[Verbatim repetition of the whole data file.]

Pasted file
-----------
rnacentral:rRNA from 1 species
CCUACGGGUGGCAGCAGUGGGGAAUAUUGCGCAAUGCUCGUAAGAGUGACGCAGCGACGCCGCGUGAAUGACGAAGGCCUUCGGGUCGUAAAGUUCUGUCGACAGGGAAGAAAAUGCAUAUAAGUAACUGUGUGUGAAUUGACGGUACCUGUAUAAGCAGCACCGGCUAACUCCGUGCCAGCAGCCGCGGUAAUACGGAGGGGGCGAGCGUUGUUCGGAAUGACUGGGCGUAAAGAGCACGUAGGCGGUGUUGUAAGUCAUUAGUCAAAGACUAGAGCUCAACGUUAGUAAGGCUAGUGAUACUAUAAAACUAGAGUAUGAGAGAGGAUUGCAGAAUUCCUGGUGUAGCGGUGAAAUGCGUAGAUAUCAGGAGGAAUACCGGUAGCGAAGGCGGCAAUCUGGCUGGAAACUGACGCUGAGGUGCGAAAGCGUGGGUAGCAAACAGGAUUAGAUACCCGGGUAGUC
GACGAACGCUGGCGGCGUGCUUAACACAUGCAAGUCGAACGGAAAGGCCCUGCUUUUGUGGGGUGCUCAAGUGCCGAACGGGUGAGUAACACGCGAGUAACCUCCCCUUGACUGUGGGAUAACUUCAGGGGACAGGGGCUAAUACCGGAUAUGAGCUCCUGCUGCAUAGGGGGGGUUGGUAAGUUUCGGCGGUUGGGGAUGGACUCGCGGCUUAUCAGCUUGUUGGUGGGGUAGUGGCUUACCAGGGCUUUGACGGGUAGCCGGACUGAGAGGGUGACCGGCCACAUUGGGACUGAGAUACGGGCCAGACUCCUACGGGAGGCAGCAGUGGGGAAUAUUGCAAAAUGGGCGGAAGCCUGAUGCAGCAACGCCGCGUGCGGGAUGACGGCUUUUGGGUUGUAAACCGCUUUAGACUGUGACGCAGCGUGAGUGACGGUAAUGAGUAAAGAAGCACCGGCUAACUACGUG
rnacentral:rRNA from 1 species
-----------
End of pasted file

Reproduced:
rnacentral:rRNA from 1 species
CCUACGGGUGGCAGCAGUGGGGAAUAUUGCGCAAUGCUCGUAAGAGUGACGCAGCGACGCCGCGUGAAUGACGAAGGCCUUCGGGUCGUAAAGUUCUGUCGACAGGGAAGAAAAUGCAUAUAAGUAACUGUGUGUGAAUUGACGGUACCUGUAUAAGCAGCACCGGCUAACUCCGUGCCAGCAGCCGCGGUAAUACGGAGGGGGCGAGCGUUGUUCGGAAUGACUGGGCGUAAAGAGCACGUAGGCGGUGUUGUAAGUCAUUAGUCAAAGACUAGAGCUCAACGUUAGUAAGGCUAGUGAUACUAUAAAACUAGAGUAUGAGAGAGGAUUGCAGAAUUCCUGGUGUAGCGGUGAAAUGCGUAGAUAUCAGGAGGAAUACCGGUAGCGAAGGCGGCAAUCUGGCUGGAAACUGACGCUGAGGUGCGAAAGCGUGGGUAGCAAACAGGAUUAGAUACCCGGGUAGUC
GACGAACGCUGGCGGCGUGCUUAACACAUGCAAGUCGAACGGAAAGGCCCUGCUUUUGUGGGGUGCUCAAGUGCCGAACGGGUGAGUAACACGCGAGUAACCUCCCCUUGACUGUGGGAUAACUUCAGGGGACAGGGGCUAAUACCGGAUAUGAGCUCCUGCUGCAUAGGGGGGGUUGGUAAGUUUCGGCGGUUGGGGAUGGACUCGCGGCUUAUCAGCUUGUUGGUGGGGUAGUGGCUUACCAGGGCUUUGACGGGUAGCCGGACUGAGAGGGUGACCGGCCACAUUGGGACUGAGAUACGGGCCAGACUCCUACGGGAGGCAGCAGUGGGGAAUAUUGCAAAAUGGGCGGAAGCCUGAUGCAGCAACGCCGCGUGCGGGAUGACGGCUUUUGGGUUGUAAACCGCUUUAGACUGUGACGCAGCGUGAGUGACGGUAAUGAGUAAAGAAGCACCGGCUAACUACGUG
rnacentral:rRNA from 1 species